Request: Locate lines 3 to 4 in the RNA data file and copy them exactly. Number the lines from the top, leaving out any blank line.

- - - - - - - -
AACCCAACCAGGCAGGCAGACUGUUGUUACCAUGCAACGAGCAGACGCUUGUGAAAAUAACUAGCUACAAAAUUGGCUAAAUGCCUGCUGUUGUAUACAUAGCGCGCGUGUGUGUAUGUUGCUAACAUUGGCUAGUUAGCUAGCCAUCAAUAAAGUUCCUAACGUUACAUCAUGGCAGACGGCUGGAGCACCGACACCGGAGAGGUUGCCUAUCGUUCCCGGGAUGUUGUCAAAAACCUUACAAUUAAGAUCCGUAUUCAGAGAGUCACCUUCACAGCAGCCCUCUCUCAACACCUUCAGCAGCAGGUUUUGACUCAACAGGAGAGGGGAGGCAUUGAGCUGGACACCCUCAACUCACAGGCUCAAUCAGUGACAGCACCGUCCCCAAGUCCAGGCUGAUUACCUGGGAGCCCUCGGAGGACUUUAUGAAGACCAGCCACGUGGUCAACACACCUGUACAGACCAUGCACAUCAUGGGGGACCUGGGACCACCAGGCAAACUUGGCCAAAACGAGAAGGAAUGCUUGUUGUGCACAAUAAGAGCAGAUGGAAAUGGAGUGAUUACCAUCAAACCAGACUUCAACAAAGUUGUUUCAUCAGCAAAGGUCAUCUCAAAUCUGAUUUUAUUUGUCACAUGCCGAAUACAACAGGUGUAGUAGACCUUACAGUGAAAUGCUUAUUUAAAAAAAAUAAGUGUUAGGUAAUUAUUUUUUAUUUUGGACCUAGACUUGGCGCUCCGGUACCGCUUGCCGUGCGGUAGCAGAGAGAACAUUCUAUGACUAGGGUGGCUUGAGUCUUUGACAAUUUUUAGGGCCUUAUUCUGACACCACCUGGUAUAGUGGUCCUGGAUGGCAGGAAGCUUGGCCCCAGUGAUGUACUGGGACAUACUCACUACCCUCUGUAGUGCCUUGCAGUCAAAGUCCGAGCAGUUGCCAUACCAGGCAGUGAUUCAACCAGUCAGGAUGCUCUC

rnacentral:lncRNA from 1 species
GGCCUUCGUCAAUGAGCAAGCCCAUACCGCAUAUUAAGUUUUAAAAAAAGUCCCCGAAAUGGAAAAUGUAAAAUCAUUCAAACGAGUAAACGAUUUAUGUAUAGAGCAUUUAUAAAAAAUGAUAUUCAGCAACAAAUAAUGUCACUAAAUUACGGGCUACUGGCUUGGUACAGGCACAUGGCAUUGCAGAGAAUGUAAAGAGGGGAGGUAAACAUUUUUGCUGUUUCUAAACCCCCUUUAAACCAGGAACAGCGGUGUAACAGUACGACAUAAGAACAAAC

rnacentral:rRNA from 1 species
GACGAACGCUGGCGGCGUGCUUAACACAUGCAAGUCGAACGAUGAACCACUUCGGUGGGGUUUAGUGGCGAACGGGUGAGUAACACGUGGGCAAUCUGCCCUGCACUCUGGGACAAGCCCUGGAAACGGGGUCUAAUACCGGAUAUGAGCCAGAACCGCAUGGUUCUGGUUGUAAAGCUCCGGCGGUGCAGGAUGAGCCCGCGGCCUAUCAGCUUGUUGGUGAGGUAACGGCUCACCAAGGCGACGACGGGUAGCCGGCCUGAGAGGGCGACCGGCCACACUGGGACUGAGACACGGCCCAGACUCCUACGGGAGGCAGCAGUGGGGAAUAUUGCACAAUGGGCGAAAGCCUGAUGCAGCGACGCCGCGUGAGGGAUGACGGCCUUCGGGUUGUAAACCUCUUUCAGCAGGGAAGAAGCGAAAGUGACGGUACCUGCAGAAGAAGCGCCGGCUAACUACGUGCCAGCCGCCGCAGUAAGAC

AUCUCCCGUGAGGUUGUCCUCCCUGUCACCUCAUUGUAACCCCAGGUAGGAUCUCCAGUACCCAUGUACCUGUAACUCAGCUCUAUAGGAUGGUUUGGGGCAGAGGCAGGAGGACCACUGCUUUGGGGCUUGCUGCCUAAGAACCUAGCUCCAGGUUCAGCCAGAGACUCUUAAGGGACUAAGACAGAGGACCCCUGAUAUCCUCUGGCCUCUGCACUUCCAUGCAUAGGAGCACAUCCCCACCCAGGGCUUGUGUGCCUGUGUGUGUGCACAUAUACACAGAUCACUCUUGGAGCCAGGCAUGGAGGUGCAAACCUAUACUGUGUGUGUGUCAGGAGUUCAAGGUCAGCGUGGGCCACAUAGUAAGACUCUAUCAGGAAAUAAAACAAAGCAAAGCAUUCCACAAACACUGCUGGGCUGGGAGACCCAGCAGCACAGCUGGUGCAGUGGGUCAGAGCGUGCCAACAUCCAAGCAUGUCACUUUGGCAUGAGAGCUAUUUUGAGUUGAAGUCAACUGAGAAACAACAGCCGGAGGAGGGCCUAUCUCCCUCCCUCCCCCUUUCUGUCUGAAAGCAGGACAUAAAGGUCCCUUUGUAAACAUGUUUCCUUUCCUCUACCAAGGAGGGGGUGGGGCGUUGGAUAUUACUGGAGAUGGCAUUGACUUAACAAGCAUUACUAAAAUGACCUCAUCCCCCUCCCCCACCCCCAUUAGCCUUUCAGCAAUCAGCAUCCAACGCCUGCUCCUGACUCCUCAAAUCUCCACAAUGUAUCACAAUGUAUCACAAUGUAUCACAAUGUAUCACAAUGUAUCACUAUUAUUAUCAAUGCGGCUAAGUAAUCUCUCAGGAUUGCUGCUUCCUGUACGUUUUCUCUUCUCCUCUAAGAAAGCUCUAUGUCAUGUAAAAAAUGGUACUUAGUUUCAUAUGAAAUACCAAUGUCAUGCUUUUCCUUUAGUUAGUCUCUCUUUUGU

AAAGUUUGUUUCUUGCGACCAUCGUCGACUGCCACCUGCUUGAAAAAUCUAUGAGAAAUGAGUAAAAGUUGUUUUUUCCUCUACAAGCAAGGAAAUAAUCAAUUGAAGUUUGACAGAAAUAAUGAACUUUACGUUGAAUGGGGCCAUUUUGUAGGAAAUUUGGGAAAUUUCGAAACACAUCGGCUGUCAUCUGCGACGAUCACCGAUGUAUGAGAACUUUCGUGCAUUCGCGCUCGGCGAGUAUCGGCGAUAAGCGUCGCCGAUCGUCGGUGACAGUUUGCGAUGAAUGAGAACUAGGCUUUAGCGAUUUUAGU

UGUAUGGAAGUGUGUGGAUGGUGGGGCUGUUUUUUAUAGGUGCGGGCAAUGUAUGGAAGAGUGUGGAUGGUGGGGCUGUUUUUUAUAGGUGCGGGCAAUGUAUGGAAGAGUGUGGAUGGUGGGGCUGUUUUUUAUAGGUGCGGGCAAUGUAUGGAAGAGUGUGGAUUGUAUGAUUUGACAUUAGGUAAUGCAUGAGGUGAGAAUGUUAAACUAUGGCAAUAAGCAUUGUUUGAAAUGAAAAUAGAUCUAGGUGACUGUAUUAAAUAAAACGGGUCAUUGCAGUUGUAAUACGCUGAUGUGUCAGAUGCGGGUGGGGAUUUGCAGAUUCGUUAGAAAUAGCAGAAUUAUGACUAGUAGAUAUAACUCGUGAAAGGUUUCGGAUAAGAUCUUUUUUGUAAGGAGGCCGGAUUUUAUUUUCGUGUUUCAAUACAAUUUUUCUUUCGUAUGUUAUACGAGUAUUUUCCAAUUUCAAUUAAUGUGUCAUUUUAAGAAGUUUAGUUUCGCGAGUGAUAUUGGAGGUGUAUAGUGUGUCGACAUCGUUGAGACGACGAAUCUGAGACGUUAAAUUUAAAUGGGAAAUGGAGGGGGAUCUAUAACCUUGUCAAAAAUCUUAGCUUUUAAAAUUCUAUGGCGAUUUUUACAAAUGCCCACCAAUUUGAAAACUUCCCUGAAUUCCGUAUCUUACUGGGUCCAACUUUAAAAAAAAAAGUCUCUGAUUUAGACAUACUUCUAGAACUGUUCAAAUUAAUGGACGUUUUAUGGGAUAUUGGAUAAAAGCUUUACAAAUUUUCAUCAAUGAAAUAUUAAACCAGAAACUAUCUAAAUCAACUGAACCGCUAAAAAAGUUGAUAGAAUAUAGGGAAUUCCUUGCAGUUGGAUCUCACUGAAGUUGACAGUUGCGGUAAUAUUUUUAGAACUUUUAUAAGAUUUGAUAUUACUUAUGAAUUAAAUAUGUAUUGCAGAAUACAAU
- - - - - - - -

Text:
GGCCUUCGUCAAUGAGCAAGCCCAUACCGCAUAUUAAGUUUUAAAAAAAGUCCCCGAAAUGGAAAAUGUAAAAUCAUUCAAACGAGUAAACGAUUUAUGUAUAGAGCAUUUAUAAAAAAUGAUAUUCAGCAACAAAUAAUGUCACUAAAUUACGGGCUACUGGCUUGGUACAGGCACAUGGCAUUGCAGAGAAUGUAAAGAGGGGAGGUAAACAUUUUUGCUGUUUCUAAACCCCCUUUAAACCAGGAACAGCGGUGUAACAGUACGACAUAAGAACAAAC

rnacentral:rRNA from 1 species